Just as we were in the midst of the Kitchn's inaugural Kitchn Cure (eight fun-filled weeks of kitchen cleaning, organizing, stocking, cooking, ending with a big bang of a party in May), a book called Things Cooks Love: Implements. Ingredients. Recipes. (Andrews McMeel Publishing, $35) landed on my desk.
I kept calling it Things Cooks Need, because that's where my mind was, guiding Cure-takers toward cleaning out their cupboards to leave only what they really need to cook well.
I barely had time to glance at it before I left on a business trip. And, I'll be honest, I was skeptical. The book comes from Sur La Table (and is written by a lovely food writer named Marie Simmons) and is based around the gear you have in your kitchen. Hmmmm, Sur La Table puts out a a book whose recipes are based on cooking implements. I smelled a marketing ploy.
And then I went to New Orleans for the International Association of Culinary Professionals conference and found myself on the very first night sitting next to Marie Simmons, the author of the book. She is absolutely delightful, extremely knowledgeable, and a great dinner companion. We both had that Speckled Trout Amandine.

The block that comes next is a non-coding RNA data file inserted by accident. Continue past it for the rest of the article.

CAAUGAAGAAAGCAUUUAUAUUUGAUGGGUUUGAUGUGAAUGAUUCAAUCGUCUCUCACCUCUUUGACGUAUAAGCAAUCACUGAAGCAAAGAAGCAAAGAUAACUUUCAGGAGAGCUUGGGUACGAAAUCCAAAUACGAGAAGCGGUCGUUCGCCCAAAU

I asked her point blank about my suspicions and she told me about how the book came to be, making me feel much better about the book.
It was of paramount importance to her that each recipe's implement suggestions included alternatives. Take, for example, the recipes for using a tagine. Simmons suggests a Dutch oven or a braiser. I might have gone even further to suggest any oven-safe pan covered tightly with foil. It was also critical, Marie told me, that they book not tout brand names. And it doesn't. Sure, most of what you find in the pages is available at Sur La Table.
Getting past the fraction of the book that is actually dedicated the kitchen implements, you'll find original recipes, tips on things like making bread crumbs, how to cut a mango (or read it here) and how to trim an artichoke, and a rundown on various ethnic pantries (The Mexican Pantry includes a list of all those confusing dried chile varieties).
This would be a great book to give a newlywed, or someone just starting their first kitchen who may be faced with gifts they don't necessarily know how to use. So, if you do find yourself owning a tagine, you at least can read about how to use and care for it before deciding to return it.
I might add that if you do decide to return that tagine and it came from a store that carries Things Cooks Love (like Sur La Table), get the book instead. Or come back on Thursday when we'll be giving away five copies.